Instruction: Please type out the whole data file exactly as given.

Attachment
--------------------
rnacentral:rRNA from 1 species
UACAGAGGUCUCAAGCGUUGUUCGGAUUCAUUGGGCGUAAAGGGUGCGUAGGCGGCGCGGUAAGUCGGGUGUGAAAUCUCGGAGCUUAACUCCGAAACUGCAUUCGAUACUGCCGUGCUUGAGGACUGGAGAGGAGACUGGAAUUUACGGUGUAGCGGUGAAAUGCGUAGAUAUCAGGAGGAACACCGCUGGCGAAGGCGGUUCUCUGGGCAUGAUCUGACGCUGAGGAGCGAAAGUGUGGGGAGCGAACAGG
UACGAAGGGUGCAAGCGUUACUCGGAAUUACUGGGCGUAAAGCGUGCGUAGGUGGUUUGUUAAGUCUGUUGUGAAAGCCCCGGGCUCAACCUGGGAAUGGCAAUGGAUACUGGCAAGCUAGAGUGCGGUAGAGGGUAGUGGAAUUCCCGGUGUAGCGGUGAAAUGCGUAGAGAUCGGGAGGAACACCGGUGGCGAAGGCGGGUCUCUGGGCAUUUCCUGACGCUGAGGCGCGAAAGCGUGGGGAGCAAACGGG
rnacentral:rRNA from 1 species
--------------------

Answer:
rnacentral:rRNA from 1 species
UACAGAGGUCUCAAGCGUUGUUCGGAUUCAUUGGGCGUAAAGGGUGCGUAGGCGGCGCGGUAAGUCGGGUGUGAAAUCUCGGAGCUUAACUCCGAAACUGCAUUCGAUACUGCCGUGCUUGAGGACUGGAGAGGAGACUGGAAUUUACGGUGUAGCGGUGAAAUGCGUAGAUAUCAGGAGGAACACCGCUGGCGAAGGCGGUUCUCUGGGCAUGAUCUGACGCUGAGGAGCGAAAGUGUGGGGAGCGAACAGG
UACGAAGGGUGCAAGCGUUACUCGGAAUUACUGGGCGUAAAGCGUGCGUAGGUGGUUUGUUAAGUCUGUUGUGAAAGCCCCGGGCUCAACCUGGGAAUGGCAAUGGAUACUGGCAAGCUAGAGUGCGGUAGAGGGUAGUGGAAUUCCCGGUGUAGCGGUGAAAUGCGUAGAGAUCGGGAGGAACACCGGUGGCGAAGGCGGGUCUCUGGGCAUUUCCUGACGCUGAGGCGCGAAAGCGUGGGGAGCAAACGGG
rnacentral:rRNA from 1 species